That's fine Ivan, and thankyou for your post. However, there is only so much that I can do to help people understand how a WDH works. Previously I have posted advice direct from Hayman Reese that confirms everything I've said, and I also have posted figures from my own exercises on a licenced weighbridge where I weighed every axle on both my car and my van without the WDH, both hitched and unhitched, and again with the WDH in place. The result was that I determined that a WDH is not the universally "cure it all" that many believe it to be, but is in fact a vastly over rated piece of gear that does next to nothing, so it was promptly thrown into the back of my shed until a 'newbie' caravanner spotted it when he was drinking beer with us, and asked could he 'borrow' it. Away he went, but I haven't seen the WDH since, nor has he mentioned it! Boo Hoo!  People waffle on about restoring front axle weight for steering and braking etc, but conveniently forget that bullbars, spotlights, 2nd batteries and a host of other 'extras' have already added weight to that axle well above what it was at the factory. Very few, if any, caravan accidents are caused by a car understeering but a WDH is likely to promote oversteer that few can manage. Braking is also misunderstood, with the axle that carries the most weight doing the most braking (Yes, I do know about weight transfer) so that too is a furphy. Indeed, in many countries, like Canada, semis (Tractor trailers!) do not have front brakes. How do they stop? WEIGHT on the rear axles.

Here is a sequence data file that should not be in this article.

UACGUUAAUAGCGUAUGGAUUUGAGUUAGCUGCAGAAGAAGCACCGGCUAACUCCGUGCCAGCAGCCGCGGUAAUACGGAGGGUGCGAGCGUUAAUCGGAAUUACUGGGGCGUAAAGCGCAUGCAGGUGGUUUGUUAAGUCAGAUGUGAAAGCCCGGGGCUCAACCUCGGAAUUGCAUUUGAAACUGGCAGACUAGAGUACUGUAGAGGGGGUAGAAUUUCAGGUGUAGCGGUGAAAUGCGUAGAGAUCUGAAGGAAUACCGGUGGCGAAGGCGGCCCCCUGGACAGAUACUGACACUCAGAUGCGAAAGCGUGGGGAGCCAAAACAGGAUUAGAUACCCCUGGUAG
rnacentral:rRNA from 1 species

As an aside, I have heard through the grapevine (phone conversations with members) that one of the most vocal critics of my factual representations on our forum, about WDHs and weights issues in general, has recently posted a link, on another caravan forum, to the exact same John Cadogan educational video that I have posted here several times. Seems he has given up on simply posting copies of charts that have been available on the internet for eons. Cheers

P.S Just noticed Graham's suggested method for determining weight transfer caused by WDH, and while I have little doubt that he is sincere in his advice, such a system was rejected years ago with too many and variables and inaccuracies.                                                                              Think spring rates, shocks, wheelbase and TBO for starters.

 





-- Edited by yobarr on Monday 18th of July 2022 04:16:23 PM


 Hi yobarr

This old topic will go around and around long after both of us have gone.

I have read and analysed as best I can all comments and by applying it to my past vehicle and van I have formed my opinion.

I think most of us have said what we thought and that is why I am leaving it at that,

My view is that Cadogan is a car salesman and not an engineer and if I may be more bold I would nearly make a bet that he hasnt done much towing at all.

There are other publications available that have been written by some who are using references back into the early 1900s which to me is way-way out of touch with modern vehicles and vans.